Santa Fe Trail’s Indigenous Origins

The Santa Fe Trail was a conduit of trade in the Americas controlled by the Comanches and Utes.

The Santa Fe Trail is one of the symbols of American westward expansion and Manifest Destiny. The trail runs from Independence, Missouri to Santa Fe, New Mexico and was a major artery of trade between American pioneers, Mexican settlers, and most significantly, indigenous peoples. For decades before and throughout its history, the trade along the Trail was controlled by its main beneficiary: the Comanche nation.

The first man to make the journey from Santa Fe to Independence in the late 1700s was Pedro Vial, a Frenchman who had lived among the Comanche and was on peaceful terms with the powerful nation. Most Comanche–American relations around the advent of the 19th century were friendly and trade-based because of the Comanche’s ambitions for economic expansion. To the delight of the Comanche, declining Spanish colonial power in the American Southwest culminated in Mexican independence in 1821, sweeping away barriers to trade/

Through utilizing Spanish horses and raiding tactics, the Comanche had already established themselves as the dominant force in the Southwest. This was evident through the significant contractions of the neighboring tribes and the Spanish colonists themselves. An American officer, General Stephen Long, was the subject of a second-hand account of Comanche-Spanish conflict in the nineteenth century: “It was stated last fall by the Spanish officers at the Sabine, who were attached to the Spanish expedition against Gen. Long and his followers, that those Indians had, within the last season, destroyed upwards of 1000 families on the Rio del Norte, and in parts of the Spanish provinces.” The Americans recognized that the Comanche were a force to be respected.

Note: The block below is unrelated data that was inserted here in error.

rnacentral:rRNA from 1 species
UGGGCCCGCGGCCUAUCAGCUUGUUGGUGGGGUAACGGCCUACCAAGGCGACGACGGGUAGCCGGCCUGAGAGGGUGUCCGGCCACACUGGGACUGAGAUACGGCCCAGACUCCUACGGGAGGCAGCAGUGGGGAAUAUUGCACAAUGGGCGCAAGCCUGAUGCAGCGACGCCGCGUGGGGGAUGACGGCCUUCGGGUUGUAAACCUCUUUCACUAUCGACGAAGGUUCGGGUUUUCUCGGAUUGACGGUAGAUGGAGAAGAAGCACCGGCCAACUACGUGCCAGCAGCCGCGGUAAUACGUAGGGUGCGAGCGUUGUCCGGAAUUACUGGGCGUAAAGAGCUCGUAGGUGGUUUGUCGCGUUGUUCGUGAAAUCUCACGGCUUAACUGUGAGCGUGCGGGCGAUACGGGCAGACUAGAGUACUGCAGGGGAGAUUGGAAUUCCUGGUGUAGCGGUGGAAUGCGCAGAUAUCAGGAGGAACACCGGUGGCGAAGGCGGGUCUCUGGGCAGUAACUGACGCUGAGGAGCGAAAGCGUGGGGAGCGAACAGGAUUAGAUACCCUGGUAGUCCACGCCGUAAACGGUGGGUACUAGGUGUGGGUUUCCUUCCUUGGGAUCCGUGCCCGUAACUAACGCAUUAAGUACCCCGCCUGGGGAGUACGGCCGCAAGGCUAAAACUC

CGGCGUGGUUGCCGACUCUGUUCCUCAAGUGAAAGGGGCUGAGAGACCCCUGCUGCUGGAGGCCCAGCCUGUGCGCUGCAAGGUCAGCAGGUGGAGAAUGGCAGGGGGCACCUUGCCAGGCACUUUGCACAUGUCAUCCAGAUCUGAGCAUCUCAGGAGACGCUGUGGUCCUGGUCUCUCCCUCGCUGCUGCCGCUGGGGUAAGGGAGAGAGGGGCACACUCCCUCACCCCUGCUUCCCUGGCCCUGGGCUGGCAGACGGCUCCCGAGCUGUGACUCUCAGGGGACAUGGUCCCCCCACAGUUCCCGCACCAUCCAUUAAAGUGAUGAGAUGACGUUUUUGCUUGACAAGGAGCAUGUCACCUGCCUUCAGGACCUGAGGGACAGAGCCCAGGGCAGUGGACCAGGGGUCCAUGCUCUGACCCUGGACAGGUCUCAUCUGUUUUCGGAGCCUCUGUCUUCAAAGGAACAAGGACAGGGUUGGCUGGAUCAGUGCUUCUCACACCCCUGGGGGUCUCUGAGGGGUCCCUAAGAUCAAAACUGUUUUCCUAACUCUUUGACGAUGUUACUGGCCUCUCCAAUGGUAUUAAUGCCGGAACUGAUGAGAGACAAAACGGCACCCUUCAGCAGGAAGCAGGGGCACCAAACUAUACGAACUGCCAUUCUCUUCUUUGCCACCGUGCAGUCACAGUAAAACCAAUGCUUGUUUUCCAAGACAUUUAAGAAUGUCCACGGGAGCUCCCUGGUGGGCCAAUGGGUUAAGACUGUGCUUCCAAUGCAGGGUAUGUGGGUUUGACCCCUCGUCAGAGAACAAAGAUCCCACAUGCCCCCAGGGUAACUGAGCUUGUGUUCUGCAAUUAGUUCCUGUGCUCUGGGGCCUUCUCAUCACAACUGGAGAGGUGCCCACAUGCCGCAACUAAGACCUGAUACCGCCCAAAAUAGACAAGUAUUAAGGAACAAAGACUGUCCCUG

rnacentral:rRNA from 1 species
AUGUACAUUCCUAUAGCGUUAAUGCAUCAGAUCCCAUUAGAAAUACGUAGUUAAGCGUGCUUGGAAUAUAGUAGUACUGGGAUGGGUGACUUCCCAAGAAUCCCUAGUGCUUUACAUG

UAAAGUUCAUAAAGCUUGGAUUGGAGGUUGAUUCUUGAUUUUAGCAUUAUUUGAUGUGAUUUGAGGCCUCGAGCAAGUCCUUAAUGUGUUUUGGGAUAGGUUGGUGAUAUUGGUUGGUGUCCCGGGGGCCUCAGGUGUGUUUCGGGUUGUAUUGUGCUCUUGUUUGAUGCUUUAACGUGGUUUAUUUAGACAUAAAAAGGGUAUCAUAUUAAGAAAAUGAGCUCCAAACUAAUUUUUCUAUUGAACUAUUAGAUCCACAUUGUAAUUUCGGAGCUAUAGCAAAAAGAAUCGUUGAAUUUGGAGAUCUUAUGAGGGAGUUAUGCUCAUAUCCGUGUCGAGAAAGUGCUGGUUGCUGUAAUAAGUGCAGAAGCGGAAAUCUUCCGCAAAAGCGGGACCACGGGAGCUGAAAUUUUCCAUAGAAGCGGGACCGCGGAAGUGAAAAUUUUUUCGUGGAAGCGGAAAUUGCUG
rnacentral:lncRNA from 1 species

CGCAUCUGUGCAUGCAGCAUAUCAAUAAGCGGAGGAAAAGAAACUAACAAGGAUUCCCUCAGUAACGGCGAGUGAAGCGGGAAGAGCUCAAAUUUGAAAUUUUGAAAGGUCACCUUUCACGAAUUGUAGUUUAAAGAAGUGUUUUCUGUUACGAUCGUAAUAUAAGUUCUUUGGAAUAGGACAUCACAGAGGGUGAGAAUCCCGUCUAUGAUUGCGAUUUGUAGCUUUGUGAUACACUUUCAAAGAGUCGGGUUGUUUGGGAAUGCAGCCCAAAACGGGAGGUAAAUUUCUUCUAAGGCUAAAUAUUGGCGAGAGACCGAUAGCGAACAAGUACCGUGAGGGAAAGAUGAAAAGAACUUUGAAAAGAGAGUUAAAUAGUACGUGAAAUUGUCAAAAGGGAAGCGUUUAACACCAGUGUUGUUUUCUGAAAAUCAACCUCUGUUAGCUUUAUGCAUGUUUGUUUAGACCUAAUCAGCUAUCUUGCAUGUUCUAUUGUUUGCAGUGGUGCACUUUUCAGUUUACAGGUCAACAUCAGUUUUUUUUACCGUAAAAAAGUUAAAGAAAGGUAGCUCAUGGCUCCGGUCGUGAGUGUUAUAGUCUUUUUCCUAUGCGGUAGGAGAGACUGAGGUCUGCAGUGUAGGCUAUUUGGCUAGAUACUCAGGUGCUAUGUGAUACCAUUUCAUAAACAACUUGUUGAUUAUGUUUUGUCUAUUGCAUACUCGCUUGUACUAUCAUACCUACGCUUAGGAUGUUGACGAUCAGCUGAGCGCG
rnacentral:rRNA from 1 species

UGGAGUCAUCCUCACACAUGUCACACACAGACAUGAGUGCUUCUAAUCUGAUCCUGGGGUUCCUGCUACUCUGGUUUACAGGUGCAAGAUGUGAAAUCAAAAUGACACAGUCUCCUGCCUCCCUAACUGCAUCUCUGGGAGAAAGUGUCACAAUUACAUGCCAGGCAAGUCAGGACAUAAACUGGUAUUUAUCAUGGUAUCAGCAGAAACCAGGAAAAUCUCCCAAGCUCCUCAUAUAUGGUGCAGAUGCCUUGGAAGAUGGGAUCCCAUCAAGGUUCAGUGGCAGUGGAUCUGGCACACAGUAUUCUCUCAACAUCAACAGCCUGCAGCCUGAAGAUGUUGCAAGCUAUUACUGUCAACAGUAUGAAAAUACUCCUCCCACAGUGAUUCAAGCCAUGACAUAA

While the Comanche could be brutal to those who didn’t cooperate with their terms, the Santa Fe trade flourished under their control. Tens of thousands of dollars of goods moved along the trail between 1820 and 1840. American traders like Josiah Greggs and Thomas James learned to pay for their passage and abide by Comanche rules and traditions, and they profited for years off of their economically beneficial friendship. James himself was even adopted into a Comanche tribe as a result.

Unfortunately for many American and Mexican settlers along the trail—therefore in Comanche territory—this meant Comanche tributary demands. When these demands for tribute or trade were not met, settlers suffered the consequences. Entire settlements in present-day Texas and New Mexico were destroyed because of their lack of cooperation with Comanche trade policy.